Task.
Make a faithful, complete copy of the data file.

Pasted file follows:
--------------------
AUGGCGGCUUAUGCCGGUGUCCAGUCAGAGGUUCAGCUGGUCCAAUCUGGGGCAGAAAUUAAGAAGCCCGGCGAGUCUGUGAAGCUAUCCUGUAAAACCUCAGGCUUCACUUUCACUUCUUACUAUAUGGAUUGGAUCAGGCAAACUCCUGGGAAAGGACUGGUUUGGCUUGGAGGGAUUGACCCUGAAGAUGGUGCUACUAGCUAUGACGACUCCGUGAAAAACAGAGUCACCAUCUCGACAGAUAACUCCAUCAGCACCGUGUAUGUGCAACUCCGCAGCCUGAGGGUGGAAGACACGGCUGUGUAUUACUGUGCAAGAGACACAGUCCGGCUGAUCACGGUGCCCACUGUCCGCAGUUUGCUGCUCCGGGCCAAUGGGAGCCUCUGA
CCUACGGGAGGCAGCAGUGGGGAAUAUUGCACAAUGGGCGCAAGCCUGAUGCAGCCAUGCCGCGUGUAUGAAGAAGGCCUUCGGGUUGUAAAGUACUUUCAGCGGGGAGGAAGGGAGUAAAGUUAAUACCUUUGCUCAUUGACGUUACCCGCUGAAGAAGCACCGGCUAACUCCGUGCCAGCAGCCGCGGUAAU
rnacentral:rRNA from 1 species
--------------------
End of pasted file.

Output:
AUGGCGGCUUAUGCCGGUGUCCAGUCAGAGGUUCAGCUGGUCCAAUCUGGGGCAGAAAUUAAGAAGCCCGGCGAGUCUGUGAAGCUAUCCUGUAAAACCUCAGGCUUCACUUUCACUUCUUACUAUAUGGAUUGGAUCAGGCAAACUCCUGGGAAAGGACUGGUUUGGCUUGGAGGGAUUGACCCUGAAGAUGGUGCUACUAGCUAUGACGACUCCGUGAAAAACAGAGUCACCAUCUCGACAGAUAACUCCAUCAGCACCGUGUAUGUGCAACUCCGCAGCCUGAGGGUGGAAGACACGGCUGUGUAUUACUGUGCAAGAGACACAGUCCGGCUGAUCACGGUGCCCACUGUCCGCAGUUUGCUGCUCCGGGCCAAUGGGAGCCUCUGA
CCUACGGGAGGCAGCAGUGGGGAAUAUUGCACAAUGGGCGCAAGCCUGAUGCAGCCAUGCCGCGUGUAUGAAGAAGGCCUUCGGGUUGUAAAGUACUUUCAGCGGGGAGGAAGGGAGUAAAGUUAAUACCUUUGCUCAUUGACGUUACCCGCUGAAGAAGCACCGGCUAACUCCGUGCCAGCAGCCGCGGUAAU
rnacentral:rRNA from 1 species